Wednesday, January 21, 2009

Memo to Lawmakers: Keep Your Nanny State Out of My Car. And Here's Why:

The Texas Legislature convened last week, and now Congress and the new President will begin working together--or not?--to solve various problems, real and imagined. One of the items that might be on the agenda either here in Texas or at the national level is the subject of my post today.

Ever since cell phones became almost universal in this country, some people have been trying to take them out of the hands of drivers. While most of the laws that have actually been passed are much more specific--banning their use by drivers in active school zones, or allowing them only to be used if a hands-free device is engaged--there are people trying to tighten things up in 2009. Here at home, a few Texas lawmakers are hoping to introduce bills to completely ban cell phone use by drivers, and the National Safety Council advocates a complete ban nationwide as well.

But the nanny-state implications of this notwithstanding (we'll discuss that in a minute), it seems like someone should stick up for the cell phone and its use while driving. (I should emphasize that, yes, this use should be done responsibly; adverse weather or traffic conditions may trump everything else on occasion.) But these lawmakers and the safety council are making it sound like no good can come from talking while driving, and that's far from the truth. A few examples:
  • People on long trips, especially those driving alone, can often use some "company" from time to time. Sure, other things--coffee, opening a window, listening to CDs or the radio--can help to an extent, but sometimes, there's no substitute for interaction with a real, live person on the other end. I've certainly benefited from this practice, and friends who take long hauls have often called me while en route for the same reason. (And yes, there are some who would say that the person should simply be taking a shorter trip, but that's not the way life works sometimes.)

  • And then there's the person who's driving around lost; it's much easier to phone a friend for directions if you're actually going somewhere, because you're much more likely to pass a landmark that someone else may recognize and can thus more easily assist you. And if you're in a questionable neighborhood, it might be downright dangerous to stop.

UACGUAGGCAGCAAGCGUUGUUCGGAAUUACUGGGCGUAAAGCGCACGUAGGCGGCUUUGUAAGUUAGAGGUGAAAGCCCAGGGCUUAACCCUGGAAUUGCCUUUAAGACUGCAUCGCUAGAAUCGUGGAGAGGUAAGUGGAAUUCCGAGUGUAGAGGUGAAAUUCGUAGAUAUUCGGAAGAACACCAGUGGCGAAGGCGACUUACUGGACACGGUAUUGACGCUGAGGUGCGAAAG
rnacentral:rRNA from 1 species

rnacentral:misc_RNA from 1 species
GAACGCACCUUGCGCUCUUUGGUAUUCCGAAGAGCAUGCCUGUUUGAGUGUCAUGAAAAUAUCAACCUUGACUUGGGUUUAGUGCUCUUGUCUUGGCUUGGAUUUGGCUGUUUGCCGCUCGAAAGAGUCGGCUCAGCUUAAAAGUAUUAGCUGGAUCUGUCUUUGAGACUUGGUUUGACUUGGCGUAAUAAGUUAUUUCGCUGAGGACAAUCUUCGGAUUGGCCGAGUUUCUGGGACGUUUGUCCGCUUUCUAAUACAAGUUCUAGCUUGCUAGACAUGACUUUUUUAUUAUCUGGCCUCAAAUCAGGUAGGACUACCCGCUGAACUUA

• Cell phones have often been used to report crimes in progress. In certain instances, such as road-rage incidents, people would be far more likely to phone in a report if they could remain cloaked in the anonymity of their cars. Pulling off to the side of the highway might make one a target himself.

  • And it should be mentioned that highway shoulders are not particularly safe places to be in the first place. Here in Dallas, the section of LBJ Freeway between Stemmons and Central has proven to be particularly dangerous over the years, with crippling or fatal accidents happening to people changing tires, good Samaritans helping people with stalled cars, and even people sitting in cars. Enacting laws that would put even more people on the side of the road seems more dangerous, not less.
And it would be nice if more of the safety studies agreed with each other. A study cited a while back concluded that a driver talking on the phone as more dangerous than talking to a person in the passenger seat because the caller on the other end couldn't see the traffic conditions experienced by the driver, while the passenger might pause the conversation in such an instance. But in a defensive driving class I took a few weeks ago, we were told that the most recent studies have shown that talking on a cell phone while driving is actually less dangerous than talking to a person in the passenger seat, because in the latter case, the driver is likely to look at the person while talking to them.

And of course, there's the whole nanny-state aspect of this. Government has already gone way too far in its intrusion into our personal lives, and there's no reason for it to proceed even further in that direction. Sure, there are some people who can't operate a car safely while talking on a phone, but there are also those who can't do so while (pick one) eating, drinking, changing the radio station, changing clothes (!), putting on makeup, or reading the paper. Is the government going to try and outlaw those behaviors as well? Considering their actions in the past, I don't find it unreasonable to fear a slippery slope here.

I have no problem with requiring hands-free devices if it can be proven in several studies that it's better to have both hands on the wheel (but remind me to buy stock in the companies that make Bluetooth devices before such a law is enacted), The school-zone laws don't trouble me at all, nor would laws against texting while driving. And I don't even mind upping the punishment for causing an accident while using a cell if it can be proven beyond a reasonable doubt that this behavior was the primary cause of the accident (that would allow people the freedom to assess the risk and use common sense, which also can't be legislated.) But completely outlawing their use while driving would throw out the good along with the bad.

Agree or disagree? Feel free to speak your piece in the comments.


Anonymous said...

Can you say "Animal Farm"? And years ago people just shook their heads and thought this was a just a comment on Communism and could NEVER happen here!!!!! Never say never, my friends! A change IS coming.... if we're not careful!

Kev said...

Believe it or not, I made it through all of high school and college without Animal Farm being on my assigned reading list. But I understand the general premise, and it sounds like I need to read that and also slog through Atlas Shrugged pretty soon, as they're being referenced in the sites I frequent on a regular basis.